The alleged apparent unconfirmed and disputed disputation in the England camp such as it was, or wasn’t, centred in all likelihood, or not, on former coach Fabio Capello’s improbable love of John Terry. The Italian’s powerful affection for the Chelsea defender is one of those mysterious cross-cultural crushes that defy logical explanation, like André Gide’s passion for US Emperor of Pulp James M Cain, or Spaniards revelling in the tenacious fighting qualities of Vinny Samways. Indeed it is hard not to view the stern, autocratic Italian and the best-not-to-say-anything-because-the-lawyers-are-nervous Cockney Big Man as a latter-day sporting equivalent of the fruity Angela Rippon lookalike and the twinkly-eyed French roué from the 1980s Cointreau ads. Easy – though perhaps unwise after dark – to picture them meeting post-match and grinning wryly at one another in the candlelight while engaged in sophisticated flirty dialogue of the “See how the arrogant rigidness of my Italian 4-4-2 formation merges with the random bluebottle-in-a-jam-jar positional sense of you English …” variety.
No wonder the other players feel queasy as they sit in the background pretending to play canasta and desperately hoping the ambassador will send in some chocolate before JT begins fluttering his eyelashes and giggling coquettishly about his ice cubes melting.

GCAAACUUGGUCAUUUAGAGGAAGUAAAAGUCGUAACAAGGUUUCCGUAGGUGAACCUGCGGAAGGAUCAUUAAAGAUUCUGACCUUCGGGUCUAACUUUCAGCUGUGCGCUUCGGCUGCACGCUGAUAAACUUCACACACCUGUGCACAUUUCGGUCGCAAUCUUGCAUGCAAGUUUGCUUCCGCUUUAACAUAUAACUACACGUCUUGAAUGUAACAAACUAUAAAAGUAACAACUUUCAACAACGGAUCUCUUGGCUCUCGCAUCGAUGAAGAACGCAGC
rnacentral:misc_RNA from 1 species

The feeling among many observers was that the Terry captaincy affair was derailing England’s bid to win the European Championship. Sadly this campaign had already jumped the tracks and ploughed into an embankment killing several rabbits due to a previous event – producing a generation of players who are actually a bit rubbish despite “doing it week in and week out in the Premiership”.
Some have pointed to the antics of the past seven days as yet another example of England shooting themselves in the foot before a major tournament. The consensus seems to be that this is the result of bungling idiocy, of constantly choosing to clean a sporting shotgun without checking first whether it is loaded with buckshot of tabloid headlines. Having witnessed the same thing happen a number of times before, I am starting to have my doubts on that score. I mean, these self-inflicted wounds, they can’t all be blunders can they?
It’s my suspicion that English football is actually shooting itself in the foot not accidentally, but deliberately in a desperate bid not to be sent back to suffer a further ego-pounding in the sunny five-star hell men call the finals frontline. It is not an act of cowardice, but a desperate cry for help. High time surely that we heeded their call, acted humanely and with compassion, and resolved never again to send our boys overseas.